So you’ve got a client on the hook, and you’re getting ready to reel them in…
But how is a freelance virtual assistant to know whether a potential client is actually quality?
There’s plenty online about how bosses can vet a potential hire, but a shocking LACK of information for freelancers and self-employed professionals to know how to qualify clients to make sure they’re reputable.
In this post, I’ll help you navigate the process of “hiring” your client so you make sure you’re moving forward with someone who is fantastic to work with!
Why Qualifying Clients Matters for Freelancers
As a freelancer, choosing quality clients to work for is incredibly important. But when it comes to knowing a good potential client from a poor fit, there’s not a lot of guidance out there already.
Sometimes it gets forgotten that freelancers are business owners too.
Just like the client should be vetting a candidate to join their team, we, as self-employed entrepreneurs, should be doing our homework to confirm that a company will be a great place to work.
When you’re working for yourself, you most likely don’t have an HR department to send complaints to, there is no manager to escalate your problems with, and the expectations of your client can become unreasonable if proper boundaries are not set.
Plus, as a freelancer, your position can be much more tenuous than if you were a contracted employee. It’s much easier for a client to spontaneously fire you or just disappear from the face of the earth, leaving you with work done and no payment or back on the hunt for another client.
For nearly all self-employed people, safety nets like unemployment benefits are typically not available, so losing a client can be a tremendous loss.
Related Post: How to Take Maternity Leave When You’re Self Employed
Sometimes clients will dramatically change the roles and responsibilities of the job out from underneath a freelancer.
If this happens to you, you may find that you’re being overworked for how much you’re being paid, or that the personal cost of working there is much greater than you imagined when you got hired!
All that to say, the cost to a freelancer of a bad company fit can be even higher than it is for regular W-2 employees.
How Freelancers Can Qualify Clients
So how does a freelancer vet and qualify clients? Read on to find out!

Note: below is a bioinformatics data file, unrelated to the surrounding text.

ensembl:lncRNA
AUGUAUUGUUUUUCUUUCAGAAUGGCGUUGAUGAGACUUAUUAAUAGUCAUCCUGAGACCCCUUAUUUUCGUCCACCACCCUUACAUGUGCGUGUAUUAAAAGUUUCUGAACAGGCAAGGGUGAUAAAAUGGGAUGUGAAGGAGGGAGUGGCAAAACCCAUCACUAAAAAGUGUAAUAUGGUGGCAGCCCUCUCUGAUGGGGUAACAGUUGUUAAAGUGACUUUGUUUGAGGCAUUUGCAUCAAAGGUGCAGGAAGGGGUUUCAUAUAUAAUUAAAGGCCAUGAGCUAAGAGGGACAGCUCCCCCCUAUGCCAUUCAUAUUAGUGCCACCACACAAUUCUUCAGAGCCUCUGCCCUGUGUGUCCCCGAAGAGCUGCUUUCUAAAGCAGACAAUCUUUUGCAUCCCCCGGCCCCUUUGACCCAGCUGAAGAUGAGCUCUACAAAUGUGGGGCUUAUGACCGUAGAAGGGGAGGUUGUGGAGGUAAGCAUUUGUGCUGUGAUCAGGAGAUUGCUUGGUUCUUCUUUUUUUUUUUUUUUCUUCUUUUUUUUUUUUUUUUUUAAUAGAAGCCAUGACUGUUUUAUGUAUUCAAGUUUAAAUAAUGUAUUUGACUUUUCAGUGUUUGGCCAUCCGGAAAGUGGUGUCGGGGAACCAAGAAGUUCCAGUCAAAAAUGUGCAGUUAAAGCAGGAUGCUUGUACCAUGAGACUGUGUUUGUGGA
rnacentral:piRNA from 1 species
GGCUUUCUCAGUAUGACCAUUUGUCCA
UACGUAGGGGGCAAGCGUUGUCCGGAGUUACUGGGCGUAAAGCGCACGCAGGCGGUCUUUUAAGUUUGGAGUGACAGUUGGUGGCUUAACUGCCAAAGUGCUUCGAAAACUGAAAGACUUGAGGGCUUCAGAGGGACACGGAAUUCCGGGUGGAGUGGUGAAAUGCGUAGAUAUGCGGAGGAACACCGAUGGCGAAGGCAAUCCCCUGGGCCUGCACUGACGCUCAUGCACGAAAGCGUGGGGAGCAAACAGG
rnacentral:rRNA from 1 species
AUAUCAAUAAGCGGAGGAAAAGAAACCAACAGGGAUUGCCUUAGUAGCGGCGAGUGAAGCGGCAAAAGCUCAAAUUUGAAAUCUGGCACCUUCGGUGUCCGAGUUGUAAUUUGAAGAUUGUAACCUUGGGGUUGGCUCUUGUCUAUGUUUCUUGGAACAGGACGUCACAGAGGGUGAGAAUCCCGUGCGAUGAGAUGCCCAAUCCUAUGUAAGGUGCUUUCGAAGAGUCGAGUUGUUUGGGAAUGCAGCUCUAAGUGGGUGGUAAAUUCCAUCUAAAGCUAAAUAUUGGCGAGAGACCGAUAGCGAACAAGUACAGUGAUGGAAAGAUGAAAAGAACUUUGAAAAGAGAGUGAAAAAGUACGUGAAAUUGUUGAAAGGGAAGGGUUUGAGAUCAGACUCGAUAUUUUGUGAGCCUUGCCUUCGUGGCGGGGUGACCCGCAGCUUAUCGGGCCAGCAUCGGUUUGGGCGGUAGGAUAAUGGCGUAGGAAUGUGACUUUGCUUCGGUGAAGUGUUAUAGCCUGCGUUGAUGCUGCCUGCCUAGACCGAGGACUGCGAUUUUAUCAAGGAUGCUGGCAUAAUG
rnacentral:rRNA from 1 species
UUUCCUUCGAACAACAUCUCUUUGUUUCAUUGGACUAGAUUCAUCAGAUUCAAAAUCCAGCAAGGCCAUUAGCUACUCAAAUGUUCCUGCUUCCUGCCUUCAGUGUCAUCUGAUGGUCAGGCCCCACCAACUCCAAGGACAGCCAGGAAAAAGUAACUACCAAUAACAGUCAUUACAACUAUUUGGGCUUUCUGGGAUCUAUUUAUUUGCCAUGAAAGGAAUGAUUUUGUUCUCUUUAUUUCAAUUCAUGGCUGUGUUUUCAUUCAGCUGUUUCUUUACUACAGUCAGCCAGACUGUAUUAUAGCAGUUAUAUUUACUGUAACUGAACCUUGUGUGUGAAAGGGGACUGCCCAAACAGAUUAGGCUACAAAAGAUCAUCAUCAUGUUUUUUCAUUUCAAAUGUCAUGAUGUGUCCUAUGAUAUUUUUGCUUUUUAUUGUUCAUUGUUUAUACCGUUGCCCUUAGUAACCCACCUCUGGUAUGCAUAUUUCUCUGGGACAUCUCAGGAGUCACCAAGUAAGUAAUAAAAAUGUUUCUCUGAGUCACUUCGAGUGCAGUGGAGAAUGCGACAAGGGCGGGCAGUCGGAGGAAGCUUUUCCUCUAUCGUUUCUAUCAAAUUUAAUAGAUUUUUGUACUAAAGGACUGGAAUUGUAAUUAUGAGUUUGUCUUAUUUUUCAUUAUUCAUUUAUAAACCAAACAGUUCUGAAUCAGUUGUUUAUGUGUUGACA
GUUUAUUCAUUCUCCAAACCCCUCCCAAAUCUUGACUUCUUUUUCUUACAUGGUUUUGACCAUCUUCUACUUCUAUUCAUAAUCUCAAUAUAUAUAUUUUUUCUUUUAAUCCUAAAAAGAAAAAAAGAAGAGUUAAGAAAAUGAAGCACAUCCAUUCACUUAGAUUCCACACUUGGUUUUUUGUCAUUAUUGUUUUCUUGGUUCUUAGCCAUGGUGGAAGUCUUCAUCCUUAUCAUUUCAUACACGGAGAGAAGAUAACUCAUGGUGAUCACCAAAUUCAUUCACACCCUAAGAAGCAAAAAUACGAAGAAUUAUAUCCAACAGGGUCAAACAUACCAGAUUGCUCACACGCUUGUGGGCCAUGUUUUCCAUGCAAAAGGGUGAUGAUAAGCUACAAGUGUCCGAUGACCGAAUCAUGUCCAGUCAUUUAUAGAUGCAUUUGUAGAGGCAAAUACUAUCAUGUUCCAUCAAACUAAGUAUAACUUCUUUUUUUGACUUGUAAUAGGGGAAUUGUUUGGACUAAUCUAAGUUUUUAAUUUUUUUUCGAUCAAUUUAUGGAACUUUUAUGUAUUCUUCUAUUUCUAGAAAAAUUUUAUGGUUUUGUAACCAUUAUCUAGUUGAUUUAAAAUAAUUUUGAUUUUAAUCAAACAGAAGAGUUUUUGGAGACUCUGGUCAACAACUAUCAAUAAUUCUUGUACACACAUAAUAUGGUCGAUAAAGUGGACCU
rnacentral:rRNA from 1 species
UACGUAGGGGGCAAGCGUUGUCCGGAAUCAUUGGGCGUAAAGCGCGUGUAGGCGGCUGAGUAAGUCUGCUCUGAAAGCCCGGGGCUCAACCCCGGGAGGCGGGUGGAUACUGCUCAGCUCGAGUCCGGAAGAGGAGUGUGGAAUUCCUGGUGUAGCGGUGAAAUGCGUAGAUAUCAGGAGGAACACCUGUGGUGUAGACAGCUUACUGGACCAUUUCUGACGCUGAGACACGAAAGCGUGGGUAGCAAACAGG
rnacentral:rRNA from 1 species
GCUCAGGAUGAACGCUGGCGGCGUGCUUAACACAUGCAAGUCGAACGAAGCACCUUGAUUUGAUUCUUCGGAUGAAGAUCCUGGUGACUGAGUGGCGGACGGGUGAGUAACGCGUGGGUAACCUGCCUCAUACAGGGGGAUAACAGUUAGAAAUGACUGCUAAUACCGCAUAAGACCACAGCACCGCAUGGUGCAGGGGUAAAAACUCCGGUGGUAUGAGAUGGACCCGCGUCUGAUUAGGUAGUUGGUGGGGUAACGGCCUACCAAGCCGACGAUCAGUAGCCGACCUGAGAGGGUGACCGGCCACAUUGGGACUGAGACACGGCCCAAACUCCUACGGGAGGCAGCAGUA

1. Using The Job Description
The first place to look for clues to help you qualify a client is in their job description.
You may find this on a job board like Fiverr or Upwork, on a social media post, or on their website.
Wherever they have posted this job, read it carefully.
Are they clearly defining a job?
A vague job description is the first red flag when qualifying clients.
Are they specific about tasks required, skills needed, and what the company does?
Is it easy and obvious to see how to contact them to apply?
2. During The Application Process
Once you’ve contacted the company to apply, do they get back to you in a professional way, courteously, and with reasonable info? Did they reply to you in a timely manner and at a reasonable time of day?
If you’re working with online entrepreneurs who may not have big teams, it can be ok if it’s necessary that you follow up to get a response (that may be a sign of how much they really need your help!).
But if their emails strike you as weird and terse, don’t shed light on the next steps, or seem like they don’t match the tone and voice of the original posting, that’s a bad sign.
If they leave you waiting for weeks between each contact, give you endless tests and assignments, and generally make it clear that you’re not a priority, take the hint!
3. Throughout The Interview and Hiring Process
You got a response from the client. Fantastic! This is also a great place to learn more about what it will be like working for them.
Expectations During Hiring
What are their expectations for the hiring process?
If they are too eager to add you on without any additional vetting, that’s a red flag.
Are they clear about how the interview and hiring process will go?